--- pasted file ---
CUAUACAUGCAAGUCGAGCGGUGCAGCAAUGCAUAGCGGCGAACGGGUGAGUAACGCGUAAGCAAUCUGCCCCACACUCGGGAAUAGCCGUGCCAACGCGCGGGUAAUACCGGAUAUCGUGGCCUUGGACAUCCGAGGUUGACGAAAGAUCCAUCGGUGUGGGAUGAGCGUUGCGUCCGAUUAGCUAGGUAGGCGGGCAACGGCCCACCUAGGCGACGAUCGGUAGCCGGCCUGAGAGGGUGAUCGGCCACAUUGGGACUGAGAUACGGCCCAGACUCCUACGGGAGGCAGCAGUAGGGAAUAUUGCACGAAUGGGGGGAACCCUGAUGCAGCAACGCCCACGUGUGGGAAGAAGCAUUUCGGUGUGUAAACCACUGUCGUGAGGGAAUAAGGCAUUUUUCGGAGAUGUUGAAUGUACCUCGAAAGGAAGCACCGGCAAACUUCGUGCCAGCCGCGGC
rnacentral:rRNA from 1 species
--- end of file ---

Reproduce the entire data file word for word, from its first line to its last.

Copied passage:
CUAUACAUGCAAGUCGAGCGGUGCAGCAAUGCAUAGCGGCGAACGGGUGAGUAACGCGUAAGCAAUCUGCCCCACACUCGGGAAUAGCCGUGCCAACGCGCGGGUAAUACCGGAUAUCGUGGCCUUGGACAUCCGAGGUUGACGAAAGAUCCAUCGGUGUGGGAUGAGCGUUGCGUCCGAUUAGCUAGGUAGGCGGGCAACGGCCCACCUAGGCGACGAUCGGUAGCCGGCCUGAGAGGGUGAUCGGCCACAUUGGGACUGAGAUACGGCCCAGACUCCUACGGGAGGCAGCAGUAGGGAAUAUUGCACGAAUGGGGGGAACCCUGAUGCAGCAACGCCCACGUGUGGGAAGAAGCAUUUCGGUGUGUAAACCACUGUCGUGAGGGAAUAAGGCAUUUUUCGGAGAUGUUGAAUGUACCUCGAAAGGAAGCACCGGCAAACUUCGUGCCAGCCGCGGC
rnacentral:rRNA from 1 species